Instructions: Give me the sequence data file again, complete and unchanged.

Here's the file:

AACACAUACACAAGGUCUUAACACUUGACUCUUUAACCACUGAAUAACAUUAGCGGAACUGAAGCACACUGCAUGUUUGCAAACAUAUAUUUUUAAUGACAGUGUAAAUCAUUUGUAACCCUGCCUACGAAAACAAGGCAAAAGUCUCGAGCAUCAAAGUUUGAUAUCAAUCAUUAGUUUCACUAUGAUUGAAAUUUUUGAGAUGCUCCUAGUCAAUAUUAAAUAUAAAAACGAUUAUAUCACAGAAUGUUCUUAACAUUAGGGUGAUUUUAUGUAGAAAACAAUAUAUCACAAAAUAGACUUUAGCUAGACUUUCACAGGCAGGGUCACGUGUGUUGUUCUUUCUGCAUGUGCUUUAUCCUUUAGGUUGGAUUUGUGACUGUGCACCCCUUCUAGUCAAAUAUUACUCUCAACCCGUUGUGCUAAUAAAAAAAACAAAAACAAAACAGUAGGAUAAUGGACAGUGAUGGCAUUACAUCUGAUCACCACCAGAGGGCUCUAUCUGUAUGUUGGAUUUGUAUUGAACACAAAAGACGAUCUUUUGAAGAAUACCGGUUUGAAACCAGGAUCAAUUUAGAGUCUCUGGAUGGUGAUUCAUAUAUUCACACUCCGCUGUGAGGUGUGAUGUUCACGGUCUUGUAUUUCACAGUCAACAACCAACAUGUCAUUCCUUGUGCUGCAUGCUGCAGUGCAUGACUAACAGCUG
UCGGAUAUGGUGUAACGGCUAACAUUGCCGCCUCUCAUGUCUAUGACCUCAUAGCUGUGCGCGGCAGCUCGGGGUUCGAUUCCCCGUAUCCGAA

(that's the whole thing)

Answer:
AACACAUACACAAGGUCUUAACACUUGACUCUUUAACCACUGAAUAACAUUAGCGGAACUGAAGCACACUGCAUGUUUGCAAACAUAUAUUUUUAAUGACAGUGUAAAUCAUUUGUAACCCUGCCUACGAAAACAAGGCAAAAGUCUCGAGCAUCAAAGUUUGAUAUCAAUCAUUAGUUUCACUAUGAUUGAAAUUUUUGAGAUGCUCCUAGUCAAUAUUAAAUAUAAAAACGAUUAUAUCACAGAAUGUUCUUAACAUUAGGGUGAUUUUAUGUAGAAAACAAUAUAUCACAAAAUAGACUUUAGCUAGACUUUCACAGGCAGGGUCACGUGUGUUGUUCUUUCUGCAUGUGCUUUAUCCUUUAGGUUGGAUUUGUGACUGUGCACCCCUUCUAGUCAAAUAUUACUCUCAACCCGUUGUGCUAAUAAAAAAAACAAAAACAAAACAGUAGGAUAAUGGACAGUGAUGGCAUUACAUCUGAUCACCACCAGAGGGCUCUAUCUGUAUGUUGGAUUUGUAUUGAACACAAAAGACGAUCUUUUGAAGAAUACCGGUUUGAAACCAGGAUCAAUUUAGAGUCUCUGGAUGGUGAUUCAUAUAUUCACACUCCGCUGUGAGGUGUGAUGUUCACGGUCUUGUAUUUCACAGUCAACAACCAACAUGUCAUUCCUUGUGCUGCAUGCUGCAGUGCAUGACUAACAGCUG
UCGGAUAUGGUGUAACGGCUAACAUUGCCGCCUCUCAUGUCUAUGACCUCAUAGCUGUGCGCGGCAGCUCGGGGUUCGAUUCCCCGUAUCCGAA